The changing carbon cycle at Mauna Loa Observatory

Wolfgang Buermann*, Benjamin R. Lintner, Charles D. Koven, Alon Angert, Jorge E. Pinzon, Compton J. Tucker, Inez Y. Fung

*Corresponding author for this work

Research output: Contribution to journalArticlepeer-review

89 Scopus citations


The amplitude of the CO2 seasonal cycle at the Mauna Loa Observatory (MLO) increased from the early 1970s to the early 1990s but decreased thereafter despite continued warming over northern continents. Because of its location relative to the large-scale atmospheric circulation, the MLO receives mainly Eurasian air masses in the northern hemisphere (NH) winter but relatively more North American air masses in NH summer. Consistent with this seasonal footprint, our findings indicate that the MLO amplitude registers North American net carbon uptake during the warm season and Eurasian net carbon release as well as anomalies in atmospheric circulation during the cold season. From the early 1970s to the early 1990s, our analysis was consistent with that of Keeling et al. [Keeling CD, Chin JFS, Whorf TP (1996) Nature 382:146-149], suggesting that the increase in the MLO CO2 amplitude is dominated by enhanced photosynthetic drawdown in North America and enhanced respiration in Eurasia. In contrast, the recent decline in the CO2 amplitude is attributed to reductions in carbon sequestration over North America associated with severe droughts from 1998 to 2003 and changes in atmospheric circulation leading to decreased influence of Eurasian air masses. With the return of rains to the U.S. in 2004, both the normalized difference vegetation index and the MLO amplitude sharply increased, suggesting a return of the North American carbon sink to more normal levels. These findings indicate that atmospheric CO 2 measurements at remote sites can continue to play an important role in documenting changes in land carbon flux, including those related to widespread drought, which may continue to worsen as a result of global warming.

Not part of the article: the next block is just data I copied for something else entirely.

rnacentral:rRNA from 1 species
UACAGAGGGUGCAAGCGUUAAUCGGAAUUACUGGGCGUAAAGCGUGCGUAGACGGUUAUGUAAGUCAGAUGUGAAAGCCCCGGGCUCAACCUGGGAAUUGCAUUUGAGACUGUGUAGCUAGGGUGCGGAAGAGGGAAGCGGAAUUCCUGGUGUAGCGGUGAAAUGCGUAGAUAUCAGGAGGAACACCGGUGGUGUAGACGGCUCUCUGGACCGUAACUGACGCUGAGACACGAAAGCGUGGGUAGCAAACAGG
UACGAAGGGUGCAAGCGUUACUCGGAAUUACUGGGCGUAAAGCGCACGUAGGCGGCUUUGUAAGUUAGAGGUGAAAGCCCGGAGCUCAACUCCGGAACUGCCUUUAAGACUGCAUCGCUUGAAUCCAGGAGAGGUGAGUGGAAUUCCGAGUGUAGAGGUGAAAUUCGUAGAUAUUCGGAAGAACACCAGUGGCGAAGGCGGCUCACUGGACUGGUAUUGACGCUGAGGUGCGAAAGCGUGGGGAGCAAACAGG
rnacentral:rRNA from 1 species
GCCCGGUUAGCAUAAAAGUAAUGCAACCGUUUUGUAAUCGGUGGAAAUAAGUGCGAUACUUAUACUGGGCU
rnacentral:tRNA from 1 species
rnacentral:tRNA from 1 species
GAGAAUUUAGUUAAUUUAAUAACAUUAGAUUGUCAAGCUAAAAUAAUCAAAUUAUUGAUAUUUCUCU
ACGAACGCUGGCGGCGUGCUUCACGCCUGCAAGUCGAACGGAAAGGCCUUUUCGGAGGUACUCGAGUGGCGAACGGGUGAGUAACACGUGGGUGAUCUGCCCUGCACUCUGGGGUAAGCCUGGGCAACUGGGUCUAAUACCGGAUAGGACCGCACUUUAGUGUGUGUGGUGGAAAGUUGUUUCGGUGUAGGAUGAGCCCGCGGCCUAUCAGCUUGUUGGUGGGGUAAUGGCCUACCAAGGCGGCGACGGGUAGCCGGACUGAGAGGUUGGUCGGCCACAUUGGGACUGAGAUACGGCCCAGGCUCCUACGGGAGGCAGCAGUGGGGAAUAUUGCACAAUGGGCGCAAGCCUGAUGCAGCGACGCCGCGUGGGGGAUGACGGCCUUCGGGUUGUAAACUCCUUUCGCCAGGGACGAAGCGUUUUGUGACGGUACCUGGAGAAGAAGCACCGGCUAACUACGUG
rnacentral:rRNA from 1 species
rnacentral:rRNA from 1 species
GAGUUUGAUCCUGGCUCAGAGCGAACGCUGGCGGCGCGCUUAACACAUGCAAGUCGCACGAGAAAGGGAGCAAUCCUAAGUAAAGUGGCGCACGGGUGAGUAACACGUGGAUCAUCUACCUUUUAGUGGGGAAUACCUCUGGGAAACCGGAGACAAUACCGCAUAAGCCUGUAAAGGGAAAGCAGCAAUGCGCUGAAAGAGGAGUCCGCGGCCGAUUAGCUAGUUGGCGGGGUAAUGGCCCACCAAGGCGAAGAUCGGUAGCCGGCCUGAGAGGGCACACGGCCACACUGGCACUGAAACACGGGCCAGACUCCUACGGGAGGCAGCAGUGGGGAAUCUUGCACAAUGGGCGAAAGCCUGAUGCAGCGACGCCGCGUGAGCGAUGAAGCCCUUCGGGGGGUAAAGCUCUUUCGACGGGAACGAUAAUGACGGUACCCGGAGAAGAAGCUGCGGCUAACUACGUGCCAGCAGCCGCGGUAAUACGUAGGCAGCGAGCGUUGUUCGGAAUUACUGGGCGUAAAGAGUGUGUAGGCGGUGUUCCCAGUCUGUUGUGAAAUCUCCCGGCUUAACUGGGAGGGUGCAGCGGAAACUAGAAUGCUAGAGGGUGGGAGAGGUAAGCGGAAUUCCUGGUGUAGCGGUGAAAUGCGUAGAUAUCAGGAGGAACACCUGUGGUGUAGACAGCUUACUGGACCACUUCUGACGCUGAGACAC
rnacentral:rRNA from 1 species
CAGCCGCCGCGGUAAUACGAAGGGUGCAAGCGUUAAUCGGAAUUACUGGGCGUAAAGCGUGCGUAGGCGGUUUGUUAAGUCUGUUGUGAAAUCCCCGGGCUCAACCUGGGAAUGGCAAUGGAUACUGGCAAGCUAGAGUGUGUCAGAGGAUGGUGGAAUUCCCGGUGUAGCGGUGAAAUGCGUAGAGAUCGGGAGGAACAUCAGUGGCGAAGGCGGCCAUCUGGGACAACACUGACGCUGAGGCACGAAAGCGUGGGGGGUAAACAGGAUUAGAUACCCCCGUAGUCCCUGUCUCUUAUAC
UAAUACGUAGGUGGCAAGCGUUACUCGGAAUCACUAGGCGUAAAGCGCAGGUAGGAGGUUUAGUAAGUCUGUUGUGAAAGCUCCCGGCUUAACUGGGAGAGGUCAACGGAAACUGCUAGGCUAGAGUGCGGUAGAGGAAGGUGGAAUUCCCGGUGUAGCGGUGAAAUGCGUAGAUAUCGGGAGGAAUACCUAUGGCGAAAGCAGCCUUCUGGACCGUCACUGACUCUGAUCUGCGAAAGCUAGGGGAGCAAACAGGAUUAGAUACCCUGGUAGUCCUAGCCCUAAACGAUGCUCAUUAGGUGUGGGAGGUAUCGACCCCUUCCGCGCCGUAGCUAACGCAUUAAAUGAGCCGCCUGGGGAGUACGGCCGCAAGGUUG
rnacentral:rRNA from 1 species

Original languageAmerican English
Pages (from-to)4249-4254
Number of pages6
JournalProceedings of the National Academy of Sciences of the United States of America
Issue number11
StatePublished - 13 Mar 2007
Externally publishedYes


  • Atmospheric CO seasonal cycle
  • Atmospheric circulation
  • Continental droughts
  • Terrestrial carbon sinks


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